Perhaps on a happier note, Taylor's friend Christopher Pearse Cranch paid a posthumous tribute through a sonnet:
Can one so strong in hope, so rich in bloom
That promised fruit of nobler worth than all
He yet had given, drop thus with sudden fall?
The busy brain no more its worth resume?
Can Death for life so versatile find room?
Still must we fancy thou mayst hear our call
Across the sea, with no dividing wall
More dense than space to interpose its doom.
Ah then—farewell, young-hearted, genial friend!
Farewell, true poet, who didst grow and build
From thought to thought still upward and still new.
Farewell, unsullied toiler in a guild
Where some defile their hands, and where so few
With aims as pure strive faithful to the end.
Another poetic tribute came from Southern writer Paul Hamilton Hayne (appropriate, considering Taylor's attempts to reunite North and South through poetry). Hayne said this poem was inspired in part by a letter Taylor wrote to him only weeks before his death:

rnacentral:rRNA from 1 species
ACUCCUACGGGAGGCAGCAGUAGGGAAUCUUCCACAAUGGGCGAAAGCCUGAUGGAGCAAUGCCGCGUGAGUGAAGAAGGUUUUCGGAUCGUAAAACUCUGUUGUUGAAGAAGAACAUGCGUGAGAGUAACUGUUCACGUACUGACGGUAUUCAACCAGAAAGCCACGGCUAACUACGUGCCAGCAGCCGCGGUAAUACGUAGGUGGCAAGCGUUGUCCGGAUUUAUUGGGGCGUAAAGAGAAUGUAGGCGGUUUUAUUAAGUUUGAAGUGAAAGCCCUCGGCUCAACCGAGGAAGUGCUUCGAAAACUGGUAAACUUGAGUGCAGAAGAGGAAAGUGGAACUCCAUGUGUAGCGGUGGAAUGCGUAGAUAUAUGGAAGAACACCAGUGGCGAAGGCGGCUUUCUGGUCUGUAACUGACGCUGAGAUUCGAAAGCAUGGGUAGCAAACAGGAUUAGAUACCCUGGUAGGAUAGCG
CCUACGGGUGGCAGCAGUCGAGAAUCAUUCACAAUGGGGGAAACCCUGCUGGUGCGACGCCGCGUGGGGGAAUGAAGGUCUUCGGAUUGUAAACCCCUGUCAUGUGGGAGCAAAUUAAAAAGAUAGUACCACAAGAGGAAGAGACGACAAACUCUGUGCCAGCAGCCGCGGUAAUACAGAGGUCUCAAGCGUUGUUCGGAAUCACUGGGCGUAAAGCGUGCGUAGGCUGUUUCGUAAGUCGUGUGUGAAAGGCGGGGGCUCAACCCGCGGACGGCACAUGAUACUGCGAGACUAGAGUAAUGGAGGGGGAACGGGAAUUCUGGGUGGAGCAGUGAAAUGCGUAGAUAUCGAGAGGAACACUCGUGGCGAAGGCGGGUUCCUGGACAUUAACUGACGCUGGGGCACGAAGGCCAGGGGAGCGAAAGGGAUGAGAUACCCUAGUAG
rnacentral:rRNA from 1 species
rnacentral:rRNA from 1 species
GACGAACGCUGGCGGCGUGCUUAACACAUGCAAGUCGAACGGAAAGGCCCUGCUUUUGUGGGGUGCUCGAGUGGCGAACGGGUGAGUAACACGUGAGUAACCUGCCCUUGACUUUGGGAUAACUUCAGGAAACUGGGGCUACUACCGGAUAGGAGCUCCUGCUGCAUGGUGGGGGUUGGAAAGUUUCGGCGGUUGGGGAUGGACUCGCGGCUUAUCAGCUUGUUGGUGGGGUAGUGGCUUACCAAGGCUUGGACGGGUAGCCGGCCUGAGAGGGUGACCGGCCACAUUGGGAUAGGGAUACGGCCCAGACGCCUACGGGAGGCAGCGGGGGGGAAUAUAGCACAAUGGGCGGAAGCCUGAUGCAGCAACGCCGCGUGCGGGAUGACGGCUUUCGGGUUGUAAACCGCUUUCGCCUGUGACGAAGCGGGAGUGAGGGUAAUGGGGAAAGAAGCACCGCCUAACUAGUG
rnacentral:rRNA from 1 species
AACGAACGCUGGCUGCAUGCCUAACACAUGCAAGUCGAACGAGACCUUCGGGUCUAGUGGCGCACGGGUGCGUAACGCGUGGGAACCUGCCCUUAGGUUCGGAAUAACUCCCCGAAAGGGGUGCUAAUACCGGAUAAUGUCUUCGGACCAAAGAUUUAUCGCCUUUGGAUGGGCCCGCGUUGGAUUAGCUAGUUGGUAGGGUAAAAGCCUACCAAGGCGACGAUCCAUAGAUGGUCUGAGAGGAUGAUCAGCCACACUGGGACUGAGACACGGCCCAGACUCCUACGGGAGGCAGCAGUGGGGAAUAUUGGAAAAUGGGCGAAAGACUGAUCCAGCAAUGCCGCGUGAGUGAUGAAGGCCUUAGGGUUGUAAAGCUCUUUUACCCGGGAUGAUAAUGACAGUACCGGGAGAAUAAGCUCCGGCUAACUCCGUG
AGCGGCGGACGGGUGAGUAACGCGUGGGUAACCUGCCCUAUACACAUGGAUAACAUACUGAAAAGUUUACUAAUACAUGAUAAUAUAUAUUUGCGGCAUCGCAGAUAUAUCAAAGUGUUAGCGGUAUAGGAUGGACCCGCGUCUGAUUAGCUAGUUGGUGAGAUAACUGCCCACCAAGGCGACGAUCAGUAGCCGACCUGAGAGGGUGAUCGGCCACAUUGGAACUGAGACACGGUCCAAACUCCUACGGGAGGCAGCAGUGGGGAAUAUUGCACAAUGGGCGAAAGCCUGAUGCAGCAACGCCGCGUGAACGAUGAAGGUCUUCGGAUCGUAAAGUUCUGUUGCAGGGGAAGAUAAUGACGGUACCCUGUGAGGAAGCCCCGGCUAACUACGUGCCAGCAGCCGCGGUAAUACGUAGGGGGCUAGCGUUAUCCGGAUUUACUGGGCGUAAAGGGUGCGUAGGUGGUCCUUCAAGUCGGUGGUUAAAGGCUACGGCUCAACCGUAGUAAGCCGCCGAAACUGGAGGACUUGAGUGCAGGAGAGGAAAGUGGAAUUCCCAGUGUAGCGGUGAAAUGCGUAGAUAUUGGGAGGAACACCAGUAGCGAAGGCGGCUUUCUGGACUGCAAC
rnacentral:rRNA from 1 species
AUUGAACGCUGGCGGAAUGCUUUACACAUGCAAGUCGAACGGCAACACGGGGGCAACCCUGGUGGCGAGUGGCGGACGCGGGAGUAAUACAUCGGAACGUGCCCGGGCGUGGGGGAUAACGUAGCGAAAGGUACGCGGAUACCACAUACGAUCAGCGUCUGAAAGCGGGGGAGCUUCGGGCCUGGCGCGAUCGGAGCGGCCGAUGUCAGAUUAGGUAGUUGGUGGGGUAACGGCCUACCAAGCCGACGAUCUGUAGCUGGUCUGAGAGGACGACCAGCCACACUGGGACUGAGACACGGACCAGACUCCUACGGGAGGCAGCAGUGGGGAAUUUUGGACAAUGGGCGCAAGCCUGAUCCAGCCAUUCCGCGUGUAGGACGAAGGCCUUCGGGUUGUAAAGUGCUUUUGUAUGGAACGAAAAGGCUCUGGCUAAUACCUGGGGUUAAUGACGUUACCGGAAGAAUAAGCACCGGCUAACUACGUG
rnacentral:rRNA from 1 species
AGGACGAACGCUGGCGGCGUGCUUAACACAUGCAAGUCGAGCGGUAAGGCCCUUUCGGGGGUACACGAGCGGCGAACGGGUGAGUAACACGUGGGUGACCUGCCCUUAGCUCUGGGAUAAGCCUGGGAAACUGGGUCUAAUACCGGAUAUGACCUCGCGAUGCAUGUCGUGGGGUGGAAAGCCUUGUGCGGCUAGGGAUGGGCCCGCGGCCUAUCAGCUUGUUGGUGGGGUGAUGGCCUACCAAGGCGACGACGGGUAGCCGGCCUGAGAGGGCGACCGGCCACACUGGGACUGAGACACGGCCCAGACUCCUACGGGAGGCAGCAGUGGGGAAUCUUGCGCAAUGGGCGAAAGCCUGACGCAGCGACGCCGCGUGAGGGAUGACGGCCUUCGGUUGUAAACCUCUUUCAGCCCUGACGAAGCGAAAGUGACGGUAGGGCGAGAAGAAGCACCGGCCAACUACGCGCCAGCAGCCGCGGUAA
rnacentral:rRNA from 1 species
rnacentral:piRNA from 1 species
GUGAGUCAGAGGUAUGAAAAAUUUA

"Oft have I fronted Death, nor feared his might!—
To me immortal, this dim Finite seems
Like some waste low-land, crossed by wandering streams
Whose clouded waves scarce catch our yearning sight:
Clearer by far, the imperial Infinite!—
Though its ethereal radiance only gleams
In exaltations of majestic dreams,
Such dreams portray God's heaven of heavens aright!"
Thou blissful Faith! that on death's imminent brink
Thus much of heaven's mysterious truth hast told!
Soul-life aspires, though all the stars should sink;—
Not vain our loftiest Instinct's upward stress,—
Nor hath the immortal Hope shone clear and bold,
To quench at death, his torch in Nothingness!
More from another of Taylor's Southern admirers will be posted in a couple days.